Pirates off the coast of Somalia have long been a problem, particularly since the beginning of the second phase of the Somali civil war just over a decade ago. In fact, Somali pirates impeded shipping, resulting in increased shipping costs, to the tune of approximately $6.6 billion – $6.9 billion in global trade in 2011 alone. But they don’t always get it right.
Early in the morning of March 18, 2006, two Norfolk, Virginia-based Navy ships, USS Cape St. George (CG 71) and USS Gonzalez (DDG 66), were conducting security operations in an effort to deter such piracy in international waters about 25 nautical miles off the central eastern coast of Somalia. During their patrol at a little after 5:30am, the ships were approached by another vessel that was towing a pair of skiffs.
USS Cape St. George, a guided-missile cruiser, and USS Gonzalez, a guided-missile destroyer, were a part of Combined Task Force 150 led by Royal Netherlands Navy Commodore Hank Ort. When the vessel was spotted traveling west toward the coast, the Gonzalez’s boarding teams prepared to conduct a routine boarding as a part of their security operations in the area. Those plans were put on hold, however, when they noticed the suspected pirates were armed with what appeared to be rocket-propelled grenade (RPG) launchers.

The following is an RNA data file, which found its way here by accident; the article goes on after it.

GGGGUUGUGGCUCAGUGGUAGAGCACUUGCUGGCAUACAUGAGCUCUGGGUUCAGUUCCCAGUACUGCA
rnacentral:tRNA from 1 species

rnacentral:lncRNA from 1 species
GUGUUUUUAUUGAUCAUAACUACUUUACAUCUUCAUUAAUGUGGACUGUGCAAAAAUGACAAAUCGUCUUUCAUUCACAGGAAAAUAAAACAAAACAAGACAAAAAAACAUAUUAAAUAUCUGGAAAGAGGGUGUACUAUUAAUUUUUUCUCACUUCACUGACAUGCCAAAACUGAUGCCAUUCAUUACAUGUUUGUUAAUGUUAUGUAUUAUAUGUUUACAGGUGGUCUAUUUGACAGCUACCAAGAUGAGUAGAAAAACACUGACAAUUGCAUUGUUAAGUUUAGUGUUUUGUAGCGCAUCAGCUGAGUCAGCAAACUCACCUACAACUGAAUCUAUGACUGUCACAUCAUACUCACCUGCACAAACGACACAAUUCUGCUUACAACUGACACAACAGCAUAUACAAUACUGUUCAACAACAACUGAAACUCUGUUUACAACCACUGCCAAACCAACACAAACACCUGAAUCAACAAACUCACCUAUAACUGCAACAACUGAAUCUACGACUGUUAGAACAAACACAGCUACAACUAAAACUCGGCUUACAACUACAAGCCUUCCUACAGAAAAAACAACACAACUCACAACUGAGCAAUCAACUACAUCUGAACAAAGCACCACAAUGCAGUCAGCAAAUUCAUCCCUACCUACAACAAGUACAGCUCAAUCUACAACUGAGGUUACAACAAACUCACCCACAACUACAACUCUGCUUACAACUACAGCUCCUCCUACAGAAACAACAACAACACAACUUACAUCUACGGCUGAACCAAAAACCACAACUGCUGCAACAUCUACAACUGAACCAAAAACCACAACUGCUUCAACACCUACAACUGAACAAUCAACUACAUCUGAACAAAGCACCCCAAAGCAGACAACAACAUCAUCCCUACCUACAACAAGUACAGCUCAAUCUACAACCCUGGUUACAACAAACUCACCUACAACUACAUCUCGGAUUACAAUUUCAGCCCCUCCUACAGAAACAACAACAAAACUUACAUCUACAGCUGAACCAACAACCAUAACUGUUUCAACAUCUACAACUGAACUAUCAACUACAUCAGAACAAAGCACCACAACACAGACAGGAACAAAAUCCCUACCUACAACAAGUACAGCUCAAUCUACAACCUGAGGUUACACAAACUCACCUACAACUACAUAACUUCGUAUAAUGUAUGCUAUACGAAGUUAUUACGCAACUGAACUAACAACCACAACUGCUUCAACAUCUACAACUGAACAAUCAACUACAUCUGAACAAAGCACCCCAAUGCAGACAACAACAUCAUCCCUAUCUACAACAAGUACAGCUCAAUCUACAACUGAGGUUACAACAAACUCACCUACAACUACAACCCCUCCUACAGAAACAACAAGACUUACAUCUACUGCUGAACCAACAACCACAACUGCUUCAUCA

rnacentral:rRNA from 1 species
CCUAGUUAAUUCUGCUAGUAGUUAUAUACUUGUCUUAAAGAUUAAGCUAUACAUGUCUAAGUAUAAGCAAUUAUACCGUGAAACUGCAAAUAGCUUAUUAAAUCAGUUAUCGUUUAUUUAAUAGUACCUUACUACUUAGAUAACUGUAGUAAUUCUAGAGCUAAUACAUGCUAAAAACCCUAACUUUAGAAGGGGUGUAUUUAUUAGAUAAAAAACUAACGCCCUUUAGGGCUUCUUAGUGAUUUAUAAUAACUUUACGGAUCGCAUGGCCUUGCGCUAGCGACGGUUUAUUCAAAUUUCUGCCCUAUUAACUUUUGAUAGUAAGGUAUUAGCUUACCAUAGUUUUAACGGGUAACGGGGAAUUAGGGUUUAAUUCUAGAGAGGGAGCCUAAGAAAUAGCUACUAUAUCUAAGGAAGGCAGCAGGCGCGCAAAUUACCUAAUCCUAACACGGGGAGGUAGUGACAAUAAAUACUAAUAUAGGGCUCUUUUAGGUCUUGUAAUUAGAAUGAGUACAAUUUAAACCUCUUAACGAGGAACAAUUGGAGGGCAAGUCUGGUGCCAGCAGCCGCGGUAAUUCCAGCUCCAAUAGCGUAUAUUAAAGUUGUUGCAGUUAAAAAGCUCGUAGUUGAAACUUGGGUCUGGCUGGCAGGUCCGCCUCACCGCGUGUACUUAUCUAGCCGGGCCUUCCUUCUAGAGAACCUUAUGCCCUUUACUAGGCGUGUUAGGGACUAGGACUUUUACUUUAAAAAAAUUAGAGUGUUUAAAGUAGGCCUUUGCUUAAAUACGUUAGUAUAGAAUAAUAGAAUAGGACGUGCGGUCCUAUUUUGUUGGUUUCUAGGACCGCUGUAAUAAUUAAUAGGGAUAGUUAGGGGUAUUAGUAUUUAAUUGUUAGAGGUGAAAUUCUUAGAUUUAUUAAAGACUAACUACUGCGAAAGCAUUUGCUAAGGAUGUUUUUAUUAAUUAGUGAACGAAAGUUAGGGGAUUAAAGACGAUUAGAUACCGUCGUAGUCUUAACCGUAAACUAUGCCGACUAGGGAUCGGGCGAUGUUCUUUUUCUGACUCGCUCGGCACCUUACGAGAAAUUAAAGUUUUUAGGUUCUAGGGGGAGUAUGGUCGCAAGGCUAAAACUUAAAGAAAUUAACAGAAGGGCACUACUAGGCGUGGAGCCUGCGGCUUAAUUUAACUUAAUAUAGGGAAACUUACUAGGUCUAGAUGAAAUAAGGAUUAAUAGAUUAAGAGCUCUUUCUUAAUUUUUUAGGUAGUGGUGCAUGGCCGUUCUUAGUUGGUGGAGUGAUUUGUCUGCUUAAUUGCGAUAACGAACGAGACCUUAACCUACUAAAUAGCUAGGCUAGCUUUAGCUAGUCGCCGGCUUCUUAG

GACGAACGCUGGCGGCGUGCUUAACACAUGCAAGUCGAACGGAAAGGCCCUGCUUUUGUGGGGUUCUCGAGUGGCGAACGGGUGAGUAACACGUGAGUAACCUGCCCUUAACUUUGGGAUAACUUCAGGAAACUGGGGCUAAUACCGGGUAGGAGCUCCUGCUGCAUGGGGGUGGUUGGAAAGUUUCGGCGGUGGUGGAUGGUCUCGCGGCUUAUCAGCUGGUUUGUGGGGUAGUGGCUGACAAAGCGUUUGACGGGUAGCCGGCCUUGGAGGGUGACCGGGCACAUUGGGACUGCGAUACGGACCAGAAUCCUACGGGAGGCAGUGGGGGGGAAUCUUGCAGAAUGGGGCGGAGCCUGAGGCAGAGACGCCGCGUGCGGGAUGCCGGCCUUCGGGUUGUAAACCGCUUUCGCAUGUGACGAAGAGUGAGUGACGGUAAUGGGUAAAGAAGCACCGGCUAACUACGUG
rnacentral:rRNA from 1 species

The pirates opened fire on the Cape St. George, but were only able to inflict minor damage. The Navy ships on the other hand, had a little more firepower at their disposal. Despite using what the Navy considers ‘small arms’, both the Cape St. George and the Gonzales returned fire, killing one pirate, wounding another five, and igniting a fire onboard the main pirate vessel. No naval officers were injured in the skirmish.
Boarding crews from both Navy ships were sent out, capturing the two small skiffs and managing to bring twelve pirates, including the five injured, into custody and confiscating an RPG launcher among other automatic weapons along the way. A Somali pirate group claimed that the Navy had sent 27 “coast guardsmen” out to handle the situation.
The wounded pirates were taken aboard the USS Nassau (LHA 4), an amphibious assault ship, to receive treatment for their injuries and later were eventually released, only to be repatriated back to Somalia. Four years later a similar attack was taken out on the the guided-missile frigate USS Nicholas (FFG 47), however, the five captured pirates didn’t get off quite as easily that time, all receiving life sentences for piracy.